Steiner Consulting said.
This before factoring in the revival in coffee and sugar prices
too on Brazil dryness concerns, besides the longer-standing cocoa rally on
expectations of a second successive world production deficit in 2013-14.
'Severe drought or
Whatever, wheat futures for May, while losing ground, were
down only 0.4% at $6.41 ¼ a bushel, recovering most ground lost in early deals,
and also gaining technical help from the lot's return over its 100-day moving
Furthermore, there remain concerns over the condition of the
US winter wheat crop, after further declines in its health rating revealed on
Monday night, and potential for further declines.
"Much of the southern and western winter wheat growing
regions are in severe drought or worse," said Mark Welch at Texas A&M University.
Indeed, Kansas City-traded hard red winter wheat, the main
type in these dry areas, was down only 0.1% at $7.08 ¾ a bushel for the May
contract, which in the last session came within an ace of closing above its
200-day moving average for the first time in more than a year.
Chicago corn futures for May eased 0.2% to $4.83 ½ a bushel,
but that was enough to leave them over their 200-day moving average, regained in
the last session for the first time in 14 months.
Another factor on the market's horizon is the prospect on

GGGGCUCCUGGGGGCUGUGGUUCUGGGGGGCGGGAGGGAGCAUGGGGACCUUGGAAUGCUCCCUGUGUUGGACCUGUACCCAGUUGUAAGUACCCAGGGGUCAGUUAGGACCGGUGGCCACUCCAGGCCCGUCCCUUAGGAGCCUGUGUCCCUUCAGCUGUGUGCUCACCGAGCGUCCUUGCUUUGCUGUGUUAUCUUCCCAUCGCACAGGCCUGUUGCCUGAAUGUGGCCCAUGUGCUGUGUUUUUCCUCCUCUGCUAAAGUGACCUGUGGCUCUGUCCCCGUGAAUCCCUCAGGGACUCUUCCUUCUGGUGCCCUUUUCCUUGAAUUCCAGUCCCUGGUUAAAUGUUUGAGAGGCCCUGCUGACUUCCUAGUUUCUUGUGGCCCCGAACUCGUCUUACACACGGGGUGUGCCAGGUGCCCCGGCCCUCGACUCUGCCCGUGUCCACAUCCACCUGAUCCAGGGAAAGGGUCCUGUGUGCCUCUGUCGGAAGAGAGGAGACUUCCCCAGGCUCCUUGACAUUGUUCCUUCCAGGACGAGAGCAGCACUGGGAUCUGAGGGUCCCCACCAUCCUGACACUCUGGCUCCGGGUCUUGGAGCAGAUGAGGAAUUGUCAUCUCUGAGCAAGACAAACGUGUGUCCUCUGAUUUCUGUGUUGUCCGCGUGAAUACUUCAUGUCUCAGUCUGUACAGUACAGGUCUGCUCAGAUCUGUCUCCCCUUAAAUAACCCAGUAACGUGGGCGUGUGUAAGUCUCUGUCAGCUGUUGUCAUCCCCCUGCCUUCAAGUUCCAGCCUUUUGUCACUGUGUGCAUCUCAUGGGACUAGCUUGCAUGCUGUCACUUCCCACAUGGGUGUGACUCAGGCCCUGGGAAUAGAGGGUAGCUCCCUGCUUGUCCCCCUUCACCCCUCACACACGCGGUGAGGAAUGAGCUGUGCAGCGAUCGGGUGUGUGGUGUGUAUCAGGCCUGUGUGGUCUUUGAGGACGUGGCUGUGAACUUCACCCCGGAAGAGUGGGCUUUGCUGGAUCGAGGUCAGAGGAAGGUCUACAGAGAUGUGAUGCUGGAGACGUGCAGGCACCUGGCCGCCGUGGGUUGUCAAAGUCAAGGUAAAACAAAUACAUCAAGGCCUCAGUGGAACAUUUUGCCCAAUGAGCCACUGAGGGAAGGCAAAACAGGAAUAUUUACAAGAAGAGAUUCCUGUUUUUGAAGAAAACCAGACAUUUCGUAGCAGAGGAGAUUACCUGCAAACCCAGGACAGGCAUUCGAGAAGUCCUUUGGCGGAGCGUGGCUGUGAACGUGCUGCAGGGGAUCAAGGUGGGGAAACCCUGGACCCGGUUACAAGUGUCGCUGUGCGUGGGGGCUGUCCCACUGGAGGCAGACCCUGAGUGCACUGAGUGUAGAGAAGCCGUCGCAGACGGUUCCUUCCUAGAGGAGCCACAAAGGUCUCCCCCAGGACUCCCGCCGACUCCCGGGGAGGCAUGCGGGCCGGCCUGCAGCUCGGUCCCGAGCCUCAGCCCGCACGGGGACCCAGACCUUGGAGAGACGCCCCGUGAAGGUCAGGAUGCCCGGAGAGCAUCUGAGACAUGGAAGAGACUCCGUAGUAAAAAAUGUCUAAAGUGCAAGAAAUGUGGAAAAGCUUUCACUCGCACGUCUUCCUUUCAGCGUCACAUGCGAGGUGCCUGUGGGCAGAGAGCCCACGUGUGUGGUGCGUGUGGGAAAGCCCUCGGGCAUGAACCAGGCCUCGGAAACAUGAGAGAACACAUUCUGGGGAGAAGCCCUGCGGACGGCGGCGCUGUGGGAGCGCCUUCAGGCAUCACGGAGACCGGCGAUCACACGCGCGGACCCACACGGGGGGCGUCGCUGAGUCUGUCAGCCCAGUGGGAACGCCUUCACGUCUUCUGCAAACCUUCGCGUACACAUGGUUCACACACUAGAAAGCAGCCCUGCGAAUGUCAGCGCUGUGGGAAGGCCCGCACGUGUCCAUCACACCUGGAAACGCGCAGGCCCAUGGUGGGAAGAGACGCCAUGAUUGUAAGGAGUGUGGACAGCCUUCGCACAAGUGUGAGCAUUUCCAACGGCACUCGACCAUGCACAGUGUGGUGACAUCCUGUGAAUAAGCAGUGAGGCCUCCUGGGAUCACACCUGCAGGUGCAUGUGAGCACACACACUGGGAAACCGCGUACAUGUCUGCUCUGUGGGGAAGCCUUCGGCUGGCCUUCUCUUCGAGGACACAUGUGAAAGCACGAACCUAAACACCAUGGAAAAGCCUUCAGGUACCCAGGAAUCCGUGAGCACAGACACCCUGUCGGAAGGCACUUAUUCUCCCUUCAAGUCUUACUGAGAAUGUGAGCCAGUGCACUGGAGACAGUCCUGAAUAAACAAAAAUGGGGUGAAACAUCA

Monday of the latest monthly US Department of Agriculture Wasde crop report
which, while not one of the big ones, does present the potential for showing strains
in the US soybean balance sheet.
"The soybean story is particularly compelling," RJ O'Brien's
Richard Feltes said, noting the "likelihood" that 95% of US soybean export
sales for 2013-14 (ending in August) "will be executed by the end of March".
This will leave "merchandisers and processors aggressively
competing for the remaining 15-20% of unsold farmer soy stocks during the five
remaining months of 2013-14 marketing year".
He added: "I cannot rule out $15-a-bushel soybeans [May
futures] by mid-April, which suggests another $0.20-30 rally in corn and wheat."
For now, May soybeans were up 0.2% at $14.25 ½ a bushel,
after in the last session recording their best close in seven months.
'Buy oil, sell meal'
They were also helped by some headway in soyoil, which appears to be taking over
from soymeal for now as bulls' soy product
Market 1's Mike Mawdsley said: "Soyoil continues to benefit
from spreading - buy oil, sell soymeal."
There is some fundamental cause behind this, with talk of a
potential reinstatement by the US of a tax credit for biodiesel, made in the
country mainly from soyoil.
Soyoil for May was 0.1% higher at 43.74 cents a pound, while
May soymeal eased 0.2% to $448.90 a short ton.
Furthermore, rival vegetable palm oil has been in demand, hitting 17-month high of 2,868 ringgit
a tonne in Kuala Lumpur on Wednesday, before easing back to of 2,835 ringgit a
tonne, a gain of 1.2%.
Dry weather is raising production concerns, with respected
analyst Dorab Mistry foreseeing higher prices yet if a full-blown El Nino
"If rains come as normal and the high-cycle [for production]
kicks in from July onwards, prices can trade in a range between 2,900 and 2,600
ringgit from July until October," Mr Mistry said.
"In the event that an El Nino develops, I believe crude
palm oil futures will cling to 3,000 ringgit beyond June.
"Production is likely to be affected from late 2014 onwards
and we may be staring at 3,500 ringgit."